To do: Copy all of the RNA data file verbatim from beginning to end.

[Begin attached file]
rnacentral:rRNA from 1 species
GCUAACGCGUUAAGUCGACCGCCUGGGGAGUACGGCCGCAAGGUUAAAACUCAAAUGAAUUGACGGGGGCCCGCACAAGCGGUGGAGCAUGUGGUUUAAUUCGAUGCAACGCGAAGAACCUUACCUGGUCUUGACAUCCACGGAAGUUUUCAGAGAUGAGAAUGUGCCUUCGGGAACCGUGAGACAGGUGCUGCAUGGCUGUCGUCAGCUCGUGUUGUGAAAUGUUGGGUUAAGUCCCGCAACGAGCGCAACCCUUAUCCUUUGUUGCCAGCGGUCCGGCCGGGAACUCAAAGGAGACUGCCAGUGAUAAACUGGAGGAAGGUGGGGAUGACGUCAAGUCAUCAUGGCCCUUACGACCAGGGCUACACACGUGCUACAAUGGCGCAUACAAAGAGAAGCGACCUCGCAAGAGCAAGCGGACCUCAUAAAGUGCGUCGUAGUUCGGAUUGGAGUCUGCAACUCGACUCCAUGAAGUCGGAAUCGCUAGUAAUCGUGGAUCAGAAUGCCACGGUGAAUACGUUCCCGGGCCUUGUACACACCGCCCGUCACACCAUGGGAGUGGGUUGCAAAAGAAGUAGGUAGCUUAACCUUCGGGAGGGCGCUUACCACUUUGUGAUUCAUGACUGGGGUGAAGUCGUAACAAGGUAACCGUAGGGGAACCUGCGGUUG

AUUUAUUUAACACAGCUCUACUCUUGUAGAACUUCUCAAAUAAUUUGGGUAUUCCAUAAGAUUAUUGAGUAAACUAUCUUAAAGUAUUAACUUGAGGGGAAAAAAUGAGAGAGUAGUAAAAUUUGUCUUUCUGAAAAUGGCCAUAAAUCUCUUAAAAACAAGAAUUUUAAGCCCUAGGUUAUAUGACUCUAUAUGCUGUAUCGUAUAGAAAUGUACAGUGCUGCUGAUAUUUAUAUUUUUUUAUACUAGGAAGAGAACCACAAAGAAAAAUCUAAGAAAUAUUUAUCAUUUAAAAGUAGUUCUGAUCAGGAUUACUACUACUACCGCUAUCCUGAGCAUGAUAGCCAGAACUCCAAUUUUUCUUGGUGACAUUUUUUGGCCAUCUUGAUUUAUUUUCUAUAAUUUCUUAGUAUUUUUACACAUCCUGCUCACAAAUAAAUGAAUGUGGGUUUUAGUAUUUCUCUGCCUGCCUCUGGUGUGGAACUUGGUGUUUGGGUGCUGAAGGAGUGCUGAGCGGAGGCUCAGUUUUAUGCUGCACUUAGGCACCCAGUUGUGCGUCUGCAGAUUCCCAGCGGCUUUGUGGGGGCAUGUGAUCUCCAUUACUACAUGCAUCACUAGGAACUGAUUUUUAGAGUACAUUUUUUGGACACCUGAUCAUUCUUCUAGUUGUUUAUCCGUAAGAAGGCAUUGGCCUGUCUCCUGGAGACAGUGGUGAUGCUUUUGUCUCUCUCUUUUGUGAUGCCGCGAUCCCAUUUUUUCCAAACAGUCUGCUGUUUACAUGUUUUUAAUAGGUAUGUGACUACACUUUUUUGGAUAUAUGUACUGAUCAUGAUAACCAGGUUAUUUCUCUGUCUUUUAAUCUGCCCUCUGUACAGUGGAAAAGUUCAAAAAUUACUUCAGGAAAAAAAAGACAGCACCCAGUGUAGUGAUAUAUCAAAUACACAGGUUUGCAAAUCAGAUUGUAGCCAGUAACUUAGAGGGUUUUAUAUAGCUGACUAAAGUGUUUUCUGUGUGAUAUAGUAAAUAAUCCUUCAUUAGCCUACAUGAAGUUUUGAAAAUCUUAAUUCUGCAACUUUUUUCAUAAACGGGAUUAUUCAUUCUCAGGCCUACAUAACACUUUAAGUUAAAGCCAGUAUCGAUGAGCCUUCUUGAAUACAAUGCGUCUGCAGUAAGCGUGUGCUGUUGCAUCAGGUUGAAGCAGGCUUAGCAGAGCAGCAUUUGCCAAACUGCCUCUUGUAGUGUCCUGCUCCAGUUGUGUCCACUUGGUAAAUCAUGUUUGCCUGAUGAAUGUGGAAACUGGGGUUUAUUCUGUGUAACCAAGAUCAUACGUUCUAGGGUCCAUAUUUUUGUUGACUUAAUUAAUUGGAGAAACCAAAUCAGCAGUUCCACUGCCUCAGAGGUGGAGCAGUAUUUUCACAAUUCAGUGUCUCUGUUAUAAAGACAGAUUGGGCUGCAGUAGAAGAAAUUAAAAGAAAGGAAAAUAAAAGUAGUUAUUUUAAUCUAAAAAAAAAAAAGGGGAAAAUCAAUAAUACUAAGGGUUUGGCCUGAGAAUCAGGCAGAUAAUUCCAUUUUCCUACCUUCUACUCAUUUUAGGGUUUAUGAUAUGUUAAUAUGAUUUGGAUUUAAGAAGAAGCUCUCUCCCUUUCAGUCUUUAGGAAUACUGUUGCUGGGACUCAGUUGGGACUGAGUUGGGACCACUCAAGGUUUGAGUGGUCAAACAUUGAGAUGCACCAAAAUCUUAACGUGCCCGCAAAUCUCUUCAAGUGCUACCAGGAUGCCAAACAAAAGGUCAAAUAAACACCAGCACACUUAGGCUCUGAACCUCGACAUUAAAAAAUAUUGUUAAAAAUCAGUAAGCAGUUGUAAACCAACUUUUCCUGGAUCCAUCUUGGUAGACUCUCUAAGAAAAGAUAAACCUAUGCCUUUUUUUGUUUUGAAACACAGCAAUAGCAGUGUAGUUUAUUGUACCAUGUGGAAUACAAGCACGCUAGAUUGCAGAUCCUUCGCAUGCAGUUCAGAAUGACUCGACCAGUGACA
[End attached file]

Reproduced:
rnacentral:rRNA from 1 species
GCUAACGCGUUAAGUCGACCGCCUGGGGAGUACGGCCGCAAGGUUAAAACUCAAAUGAAUUGACGGGGGCCCGCACAAGCGGUGGAGCAUGUGGUUUAAUUCGAUGCAACGCGAAGAACCUUACCUGGUCUUGACAUCCACGGAAGUUUUCAGAGAUGAGAAUGUGCCUUCGGGAACCGUGAGACAGGUGCUGCAUGGCUGUCGUCAGCUCGUGUUGUGAAAUGUUGGGUUAAGUCCCGCAACGAGCGCAACCCUUAUCCUUUGUUGCCAGCGGUCCGGCCGGGAACUCAAAGGAGACUGCCAGUGAUAAACUGGAGGAAGGUGGGGAUGACGUCAAGUCAUCAUGGCCCUUACGACCAGGGCUACACACGUGCUACAAUGGCGCAUACAAAGAGAAGCGACCUCGCAAGAGCAAGCGGACCUCAUAAAGUGCGUCGUAGUUCGGAUUGGAGUCUGCAACUCGACUCCAUGAAGUCGGAAUCGCUAGUAAUCGUGGAUCAGAAUGCCACGGUGAAUACGUUCCCGGGCCUUGUACACACCGCCCGUCACACCAUGGGAGUGGGUUGCAAAAGAAGUAGGUAGCUUAACCUUCGGGAGGGCGCUUACCACUUUGUGAUUCAUGACUGGGGUGAAGUCGUAACAAGGUAACCGUAGGGGAACCUGCGGUUG

AUUUAUUUAACACAGCUCUACUCUUGUAGAACUUCUCAAAUAAUUUGGGUAUUCCAUAAGAUUAUUGAGUAAACUAUCUUAAAGUAUUAACUUGAGGGGAAAAAAUGAGAGAGUAGUAAAAUUUGUCUUUCUGAAAAUGGCCAUAAAUCUCUUAAAAACAAGAAUUUUAAGCCCUAGGUUAUAUGACUCUAUAUGCUGUAUCGUAUAGAAAUGUACAGUGCUGCUGAUAUUUAUAUUUUUUUAUACUAGGAAGAGAACCACAAAGAAAAAUCUAAGAAAUAUUUAUCAUUUAAAAGUAGUUCUGAUCAGGAUUACUACUACUACCGCUAUCCUGAGCAUGAUAGCCAGAACUCCAAUUUUUCUUGGUGACAUUUUUUGGCCAUCUUGAUUUAUUUUCUAUAAUUUCUUAGUAUUUUUACACAUCCUGCUCACAAAUAAAUGAAUGUGGGUUUUAGUAUUUCUCUGCCUGCCUCUGGUGUGGAACUUGGUGUUUGGGUGCUGAAGGAGUGCUGAGCGGAGGCUCAGUUUUAUGCUGCACUUAGGCACCCAGUUGUGCGUCUGCAGAUUCCCAGCGGCUUUGUGGGGGCAUGUGAUCUCCAUUACUACAUGCAUCACUAGGAACUGAUUUUUAGAGUACAUUUUUUGGACACCUGAUCAUUCUUCUAGUUGUUUAUCCGUAAGAAGGCAUUGGCCUGUCUCCUGGAGACAGUGGUGAUGCUUUUGUCUCUCUCUUUUGUGAUGCCGCGAUCCCAUUUUUUCCAAACAGUCUGCUGUUUACAUGUUUUUAAUAGGUAUGUGACUACACUUUUUUGGAUAUAUGUACUGAUCAUGAUAACCAGGUUAUUUCUCUGUCUUUUAAUCUGCCCUCUGUACAGUGGAAAAGUUCAAAAAUUACUUCAGGAAAAAAAAGACAGCACCCAGUGUAGUGAUAUAUCAAAUACACAGGUUUGCAAAUCAGAUUGUAGCCAGUAACUUAGAGGGUUUUAUAUAGCUGACUAAAGUGUUUUCUGUGUGAUAUAGUAAAUAAUCCUUCAUUAGCCUACAUGAAGUUUUGAAAAUCUUAAUUCUGCAACUUUUUUCAUAAACGGGAUUAUUCAUUCUCAGGCCUACAUAACACUUUAAGUUAAAGCCAGUAUCGAUGAGCCUUCUUGAAUACAAUGCGUCUGCAGUAAGCGUGUGCUGUUGCAUCAGGUUGAAGCAGGCUUAGCAGAGCAGCAUUUGCCAAACUGCCUCUUGUAGUGUCCUGCUCCAGUUGUGUCCACUUGGUAAAUCAUGUUUGCCUGAUGAAUGUGGAAACUGGGGUUUAUUCUGUGUAACCAAGAUCAUACGUUCUAGGGUCCAUAUUUUUGUUGACUUAAUUAAUUGGAGAAACCAAAUCAGCAGUUCCACUGCCUCAGAGGUGGAGCAGUAUUUUCACAAUUCAGUGUCUCUGUUAUAAAGACAGAUUGGGCUGCAGUAGAAGAAAUUAAAAGAAAGGAAAAUAAAAGUAGUUAUUUUAAUCUAAAAAAAAAAAAGGGGAAAAUCAAUAAUACUAAGGGUUUGGCCUGAGAAUCAGGCAGAUAAUUCCAUUUUCCUACCUUCUACUCAUUUUAGGGUUUAUGAUAUGUUAAUAUGAUUUGGAUUUAAGAAGAAGCUCUCUCCCUUUCAGUCUUUAGGAAUACUGUUGCUGGGACUCAGUUGGGACUGAGUUGGGACCACUCAAGGUUUGAGUGGUCAAACAUUGAGAUGCACCAAAAUCUUAACGUGCCCGCAAAUCUCUUCAAGUGCUACCAGGAUGCCAAACAAAAGGUCAAAUAAACACCAGCACACUUAGGCUCUGAACCUCGACAUUAAAAAAUAUUGUUAAAAAUCAGUAAGCAGUUGUAAACCAACUUUUCCUGGAUCCAUCUUGGUAGACUCUCUAAGAAAAGAUAAACCUAUGCCUUUUUUUGUUUUGAAACACAGCAAUAGCAGUGUAGUUUAUUGUACCAUGUGGAAUACAAGCACGCUAGAUUGCAGAUCCUUCGCAUGCAGUUCAGAAUGACUCGACCAGUGACA